Yes, we meet individuals alone to work on relationships. Sometimes people need to figure out what they want for themselves, or sometimes they are clear that they want to improve their relationship.

Often, changes one partner makes will produce beneficial changes in another partner’s reactions to them. When they see this happening, they may be encouraged to begin attending.

However, while it is not so difficult to transition from joint to individual therapy, or to arrange both types of sessions from the start, it is more difficult to move from individual to joint therapy. This is because, after you start on your own, your partner may be more resistant to your attempts to include them, thinking the therapist will be “taking your side.” It is much better to make every effort to include your partner from the start. (The two of you may also later begin couples therapy with a new therapist.)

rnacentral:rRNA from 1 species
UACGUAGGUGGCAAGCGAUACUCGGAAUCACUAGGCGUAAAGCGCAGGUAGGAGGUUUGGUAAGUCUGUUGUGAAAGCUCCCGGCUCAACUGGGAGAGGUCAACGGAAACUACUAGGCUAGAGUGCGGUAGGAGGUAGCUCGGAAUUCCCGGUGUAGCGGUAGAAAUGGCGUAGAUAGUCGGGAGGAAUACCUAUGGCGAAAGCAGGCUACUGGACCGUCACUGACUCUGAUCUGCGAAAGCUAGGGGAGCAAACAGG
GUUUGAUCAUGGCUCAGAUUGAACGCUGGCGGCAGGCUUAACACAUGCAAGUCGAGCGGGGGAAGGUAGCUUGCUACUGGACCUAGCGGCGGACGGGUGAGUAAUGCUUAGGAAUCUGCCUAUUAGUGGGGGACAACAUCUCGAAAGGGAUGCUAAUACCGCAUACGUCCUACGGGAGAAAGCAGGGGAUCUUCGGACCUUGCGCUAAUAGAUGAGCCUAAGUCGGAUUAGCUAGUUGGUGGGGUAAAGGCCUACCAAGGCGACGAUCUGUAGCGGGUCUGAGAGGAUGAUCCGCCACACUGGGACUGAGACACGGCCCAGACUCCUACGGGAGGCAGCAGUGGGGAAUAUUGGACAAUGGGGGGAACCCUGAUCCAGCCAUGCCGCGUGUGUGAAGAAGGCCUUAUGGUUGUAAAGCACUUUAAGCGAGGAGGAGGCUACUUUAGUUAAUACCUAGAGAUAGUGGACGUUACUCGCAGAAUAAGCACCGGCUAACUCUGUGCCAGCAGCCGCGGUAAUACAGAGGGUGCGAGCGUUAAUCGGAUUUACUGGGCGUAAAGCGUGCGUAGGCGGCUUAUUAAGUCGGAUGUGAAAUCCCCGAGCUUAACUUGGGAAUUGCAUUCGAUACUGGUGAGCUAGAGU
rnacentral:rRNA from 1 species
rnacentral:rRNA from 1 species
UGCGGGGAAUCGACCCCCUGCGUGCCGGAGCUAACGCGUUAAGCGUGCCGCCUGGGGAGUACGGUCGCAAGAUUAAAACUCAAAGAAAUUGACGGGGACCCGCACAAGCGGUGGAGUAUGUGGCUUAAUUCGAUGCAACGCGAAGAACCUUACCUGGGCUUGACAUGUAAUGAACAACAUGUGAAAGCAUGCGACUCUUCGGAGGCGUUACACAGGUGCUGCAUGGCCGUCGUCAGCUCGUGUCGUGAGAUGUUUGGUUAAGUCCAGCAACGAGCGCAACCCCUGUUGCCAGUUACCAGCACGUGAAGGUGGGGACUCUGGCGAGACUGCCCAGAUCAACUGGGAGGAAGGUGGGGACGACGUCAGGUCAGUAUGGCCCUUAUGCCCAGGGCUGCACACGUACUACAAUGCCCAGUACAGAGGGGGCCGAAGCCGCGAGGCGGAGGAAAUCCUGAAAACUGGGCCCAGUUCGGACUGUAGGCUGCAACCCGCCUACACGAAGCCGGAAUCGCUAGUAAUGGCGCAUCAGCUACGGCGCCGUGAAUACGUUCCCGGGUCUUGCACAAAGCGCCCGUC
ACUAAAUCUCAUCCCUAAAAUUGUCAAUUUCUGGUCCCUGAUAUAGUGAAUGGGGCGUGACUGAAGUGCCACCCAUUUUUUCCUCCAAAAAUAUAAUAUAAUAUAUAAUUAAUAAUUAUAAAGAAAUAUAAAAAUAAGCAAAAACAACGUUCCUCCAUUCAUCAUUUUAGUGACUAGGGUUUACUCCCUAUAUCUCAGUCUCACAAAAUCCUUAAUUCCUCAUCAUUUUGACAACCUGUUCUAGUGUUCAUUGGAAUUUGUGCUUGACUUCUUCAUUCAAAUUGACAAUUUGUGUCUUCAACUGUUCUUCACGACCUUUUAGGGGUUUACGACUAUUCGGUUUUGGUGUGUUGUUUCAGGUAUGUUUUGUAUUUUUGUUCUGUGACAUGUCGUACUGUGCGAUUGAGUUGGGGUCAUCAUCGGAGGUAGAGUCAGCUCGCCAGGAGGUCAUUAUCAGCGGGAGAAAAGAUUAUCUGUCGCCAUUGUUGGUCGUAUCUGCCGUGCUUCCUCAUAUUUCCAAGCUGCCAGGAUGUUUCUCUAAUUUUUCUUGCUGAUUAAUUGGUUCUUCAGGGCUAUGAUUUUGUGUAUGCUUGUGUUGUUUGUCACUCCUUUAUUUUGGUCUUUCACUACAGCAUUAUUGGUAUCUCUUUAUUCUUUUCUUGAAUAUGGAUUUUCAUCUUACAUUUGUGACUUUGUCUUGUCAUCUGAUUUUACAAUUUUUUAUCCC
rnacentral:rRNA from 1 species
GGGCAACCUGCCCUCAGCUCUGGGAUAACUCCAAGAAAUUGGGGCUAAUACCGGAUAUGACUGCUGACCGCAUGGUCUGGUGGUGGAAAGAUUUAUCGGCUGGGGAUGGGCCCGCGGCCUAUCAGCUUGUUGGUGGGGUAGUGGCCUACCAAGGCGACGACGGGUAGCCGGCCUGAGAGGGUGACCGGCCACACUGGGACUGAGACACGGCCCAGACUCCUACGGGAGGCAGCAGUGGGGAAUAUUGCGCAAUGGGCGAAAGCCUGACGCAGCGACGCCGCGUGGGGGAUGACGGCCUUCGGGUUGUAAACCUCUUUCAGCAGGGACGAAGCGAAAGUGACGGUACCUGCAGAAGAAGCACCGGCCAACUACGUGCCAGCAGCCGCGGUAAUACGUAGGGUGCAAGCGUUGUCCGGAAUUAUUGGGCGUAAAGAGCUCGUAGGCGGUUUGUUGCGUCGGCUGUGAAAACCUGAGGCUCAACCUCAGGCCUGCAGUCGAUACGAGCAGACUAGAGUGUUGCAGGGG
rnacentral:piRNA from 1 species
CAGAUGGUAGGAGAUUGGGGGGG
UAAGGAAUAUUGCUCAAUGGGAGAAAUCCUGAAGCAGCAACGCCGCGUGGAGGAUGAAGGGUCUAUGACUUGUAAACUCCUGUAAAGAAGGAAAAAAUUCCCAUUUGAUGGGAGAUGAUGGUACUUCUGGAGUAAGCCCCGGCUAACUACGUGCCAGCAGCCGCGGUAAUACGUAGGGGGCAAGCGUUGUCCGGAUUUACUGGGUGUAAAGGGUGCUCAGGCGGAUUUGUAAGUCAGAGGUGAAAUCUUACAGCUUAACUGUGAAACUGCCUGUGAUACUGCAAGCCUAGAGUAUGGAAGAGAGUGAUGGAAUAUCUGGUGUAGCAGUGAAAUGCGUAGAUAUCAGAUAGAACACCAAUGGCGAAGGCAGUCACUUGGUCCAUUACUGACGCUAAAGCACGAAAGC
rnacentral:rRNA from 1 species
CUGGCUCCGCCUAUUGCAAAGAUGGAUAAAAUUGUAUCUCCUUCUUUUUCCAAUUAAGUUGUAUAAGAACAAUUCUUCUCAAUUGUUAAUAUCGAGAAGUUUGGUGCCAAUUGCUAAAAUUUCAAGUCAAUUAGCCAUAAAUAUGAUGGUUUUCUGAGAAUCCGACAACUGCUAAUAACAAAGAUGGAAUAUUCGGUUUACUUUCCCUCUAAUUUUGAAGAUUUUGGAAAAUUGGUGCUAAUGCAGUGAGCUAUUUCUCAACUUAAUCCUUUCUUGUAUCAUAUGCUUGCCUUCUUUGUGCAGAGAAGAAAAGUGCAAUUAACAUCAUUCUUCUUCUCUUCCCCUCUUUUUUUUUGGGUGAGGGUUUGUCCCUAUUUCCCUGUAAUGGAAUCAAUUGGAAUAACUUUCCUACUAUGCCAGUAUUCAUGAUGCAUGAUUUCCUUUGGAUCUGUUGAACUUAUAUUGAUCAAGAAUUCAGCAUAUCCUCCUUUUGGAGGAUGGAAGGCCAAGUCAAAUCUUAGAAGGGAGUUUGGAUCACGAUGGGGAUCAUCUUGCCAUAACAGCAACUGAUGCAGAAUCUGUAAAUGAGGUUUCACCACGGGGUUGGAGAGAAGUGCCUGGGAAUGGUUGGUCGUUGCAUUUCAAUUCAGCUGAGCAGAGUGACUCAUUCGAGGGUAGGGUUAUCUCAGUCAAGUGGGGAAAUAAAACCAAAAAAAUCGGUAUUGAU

You will have a better chance if you carefully and thoughtfully approach and encourage your partner to attend. See my blog post “How to Invite Your Partner to Couple Counselling” for helpful suggestions on how to approach and present this to your partner.